Updated: September 24, 2012 6:25AM
Pete Mavrakis of Mokena wrestled a nearly 40-inch northern pike through an 8-inch hole in the ice Sunday.
‘‘He gave a tussle,’’ Mavrakis said.
Mavrakis pulled the pike, estimated at 18 to 20 pounds, from J.C. Murphey Lake at Willow Slough Fish and Wildlife Area just across the line in Indiana to earn Fish of the Week honors.
Maybe northern pike should get the honor in a broader sense. Pike, which are great native predators of our area, are underappreciated. But ice fishing brings more interest and focus.
Last week, the Westchester pair of ‘‘Bass Ron’’ Antinori and ‘‘Musky Ed’’ Potocki of Midwest Musky Hunters sent a note and photo about a nice pike caught and released on a public lake in Lake County during first ice.
Others target pike in forest-preserve lakes, especially Wampum, during ice fishing. Wolf Lake gave up the biggest pike of recent note in Chicago fishing. Jim Saksa caught his 22.83-pound pike while ice fishing with a golden roach on a tip-up on the Illinois side of Wolf Lake on March 2, 2008.
The Illinois-record pike — Walter Klenzak’s 26.15-pounder — came from a Kankakee County strip pit on Nov. 9, 1989. Jack Barnes caught the Indiana record (30-2) from Clear Lake in Steuben County in 1992.
Mavrakis targets pike year-round, but especially during ice fishing, at Willow Slough, the Chain O’Lakes, Wolf Lake and Wampum.
On Sunday, he was among friends fishing at Willow Slough. He was jigging for bluegills and had a tip-up out with 9-inch suckers targeting big pike.
Willow Slough, one of the great bluegill spots near Chicago, is in a dangerous spot. Because of the extremely dry fall and ice coming with lake levels down more than a foot, site staff anticipate a winter kill. Right now, there is 8 to 10 inches of ice and another 4-plus inches of snow.
''Barring a miracle thaw, it is not looking real good,’’ Dave Spitznagle said.
Anticipating a winter kill, Willow Slough reverted to Indiana’s statewide regulations earlier this month, including no limits on bluegills. (Crappie and redear remain at 25 daily.)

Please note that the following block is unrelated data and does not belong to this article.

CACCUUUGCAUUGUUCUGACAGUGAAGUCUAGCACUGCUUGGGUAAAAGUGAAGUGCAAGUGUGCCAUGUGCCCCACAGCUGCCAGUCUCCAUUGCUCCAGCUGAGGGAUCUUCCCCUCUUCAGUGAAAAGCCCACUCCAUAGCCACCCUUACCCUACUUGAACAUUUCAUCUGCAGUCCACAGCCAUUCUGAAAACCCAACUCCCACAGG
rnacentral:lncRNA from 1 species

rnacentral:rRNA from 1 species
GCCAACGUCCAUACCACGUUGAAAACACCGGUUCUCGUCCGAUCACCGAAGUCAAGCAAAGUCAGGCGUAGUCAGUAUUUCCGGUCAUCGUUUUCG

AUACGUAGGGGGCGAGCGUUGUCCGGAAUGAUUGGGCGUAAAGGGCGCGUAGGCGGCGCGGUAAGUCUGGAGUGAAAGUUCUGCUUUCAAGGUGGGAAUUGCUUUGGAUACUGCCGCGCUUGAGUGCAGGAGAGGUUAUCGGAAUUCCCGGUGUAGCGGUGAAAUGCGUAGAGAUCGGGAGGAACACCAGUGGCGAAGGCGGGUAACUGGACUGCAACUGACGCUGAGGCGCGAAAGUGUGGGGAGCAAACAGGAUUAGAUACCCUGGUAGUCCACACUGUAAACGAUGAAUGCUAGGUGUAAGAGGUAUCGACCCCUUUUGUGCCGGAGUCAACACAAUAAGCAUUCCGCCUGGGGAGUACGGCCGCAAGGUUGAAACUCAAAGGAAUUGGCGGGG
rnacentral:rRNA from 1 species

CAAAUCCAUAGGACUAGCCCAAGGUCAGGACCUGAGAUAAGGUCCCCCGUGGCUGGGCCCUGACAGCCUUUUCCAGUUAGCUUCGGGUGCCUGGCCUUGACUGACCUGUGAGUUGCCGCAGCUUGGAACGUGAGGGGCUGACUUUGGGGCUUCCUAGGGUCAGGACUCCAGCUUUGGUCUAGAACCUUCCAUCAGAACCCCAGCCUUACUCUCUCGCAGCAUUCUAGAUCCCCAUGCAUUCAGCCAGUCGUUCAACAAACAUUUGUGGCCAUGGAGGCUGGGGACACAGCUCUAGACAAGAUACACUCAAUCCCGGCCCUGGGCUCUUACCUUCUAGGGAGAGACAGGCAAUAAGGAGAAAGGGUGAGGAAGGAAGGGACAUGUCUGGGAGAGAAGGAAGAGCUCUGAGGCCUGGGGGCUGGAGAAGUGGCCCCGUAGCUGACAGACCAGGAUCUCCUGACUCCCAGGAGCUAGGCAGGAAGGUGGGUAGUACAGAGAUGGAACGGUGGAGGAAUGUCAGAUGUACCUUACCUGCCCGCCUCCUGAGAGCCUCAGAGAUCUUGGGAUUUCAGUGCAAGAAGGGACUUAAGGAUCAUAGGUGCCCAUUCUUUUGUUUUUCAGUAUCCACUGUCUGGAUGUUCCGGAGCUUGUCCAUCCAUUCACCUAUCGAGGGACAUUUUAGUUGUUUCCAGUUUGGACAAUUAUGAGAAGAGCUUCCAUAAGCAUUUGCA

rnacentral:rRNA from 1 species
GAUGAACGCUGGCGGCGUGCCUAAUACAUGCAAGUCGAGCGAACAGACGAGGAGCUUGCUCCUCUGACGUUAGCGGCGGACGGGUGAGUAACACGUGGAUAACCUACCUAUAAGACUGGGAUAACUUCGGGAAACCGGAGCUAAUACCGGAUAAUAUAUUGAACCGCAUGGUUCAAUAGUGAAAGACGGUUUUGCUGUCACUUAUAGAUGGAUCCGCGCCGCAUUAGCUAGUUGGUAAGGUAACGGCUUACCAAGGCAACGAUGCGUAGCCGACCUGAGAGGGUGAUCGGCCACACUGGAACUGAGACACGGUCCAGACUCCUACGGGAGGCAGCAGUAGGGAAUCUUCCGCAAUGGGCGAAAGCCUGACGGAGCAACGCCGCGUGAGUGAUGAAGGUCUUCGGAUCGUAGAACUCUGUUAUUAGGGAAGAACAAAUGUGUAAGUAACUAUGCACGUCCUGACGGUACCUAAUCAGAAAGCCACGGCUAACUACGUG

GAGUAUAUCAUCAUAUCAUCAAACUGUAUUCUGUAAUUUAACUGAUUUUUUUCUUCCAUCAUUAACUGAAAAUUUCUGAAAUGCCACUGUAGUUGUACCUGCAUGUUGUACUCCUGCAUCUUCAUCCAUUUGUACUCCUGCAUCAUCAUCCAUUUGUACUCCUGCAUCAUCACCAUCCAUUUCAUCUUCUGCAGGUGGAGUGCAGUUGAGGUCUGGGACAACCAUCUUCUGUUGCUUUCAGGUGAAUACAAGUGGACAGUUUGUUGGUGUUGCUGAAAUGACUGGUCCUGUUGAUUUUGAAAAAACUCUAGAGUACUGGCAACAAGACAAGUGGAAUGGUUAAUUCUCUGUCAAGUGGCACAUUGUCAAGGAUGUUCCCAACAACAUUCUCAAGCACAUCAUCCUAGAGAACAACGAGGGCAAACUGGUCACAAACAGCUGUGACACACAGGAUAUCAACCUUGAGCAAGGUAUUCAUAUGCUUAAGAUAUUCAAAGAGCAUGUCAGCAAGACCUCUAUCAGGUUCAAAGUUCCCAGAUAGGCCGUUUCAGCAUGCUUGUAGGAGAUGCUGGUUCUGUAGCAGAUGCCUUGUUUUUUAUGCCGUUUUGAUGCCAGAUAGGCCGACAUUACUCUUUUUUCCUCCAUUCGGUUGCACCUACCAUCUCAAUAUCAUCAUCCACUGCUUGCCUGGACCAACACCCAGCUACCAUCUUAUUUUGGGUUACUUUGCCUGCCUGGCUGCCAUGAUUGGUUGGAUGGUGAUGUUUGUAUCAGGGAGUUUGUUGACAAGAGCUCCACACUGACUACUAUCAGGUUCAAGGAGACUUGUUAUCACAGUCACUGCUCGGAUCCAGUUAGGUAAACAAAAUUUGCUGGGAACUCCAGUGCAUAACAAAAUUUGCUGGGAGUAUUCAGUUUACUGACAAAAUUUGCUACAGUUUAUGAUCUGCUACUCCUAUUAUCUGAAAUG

Bluegills are the main draw, but pike are the stars at Willow Slough.
While the sun was out Sunday, ‘‘The Slough’’ gave up a slew of big pike, the biggest being Mavrakis’. But there were others of 35 inches and longer in the last several days.
‘‘I caught it about 11:30 or 12:30,’’ said Mavrakis, who works at Barraco’s Pizza. ‘‘It was still sunny. As soon as the clouds came, the tip-ups shut off.’’
While ice fishing for pike, he doesn’t use wire leaders. Instead, he sticks with 14-pound PowerPro line and suckers on Gamakatsu hooks.
Asked why he fishes for pike, he said, ‘‘I just like to see them take that big bait, how aggressive they are.’’
This is his biggest pike. It will go on his wall.
With rivers freezing heavily, reports of bald eagles are increasing throughout the area, particularly near open water below dams. Regular sightings are coming from the Fox and Kankakee, an encouraging sign about our natural state.
I checked Tuesday with the Illinois Waterway Visitor Center about eagles at Starved Rock. Ranger Bob Petruney said the Illinois River isn’t iced in enough yet to concentrate the eagles fully. He said there were about 18 last weekend. There should be at least some eagles for viewing for those doing holiday time near Starved Rock.
More spectacular eagle numbers are being seen near the Mississippi River dams, according to reports on IBET, the birding network.
Expecting Mike Murphy to replace Ron Santo on Cubs radio broadcasts is like expecting the IDNR to lift the July closure on perch fishing. It makes too much sense.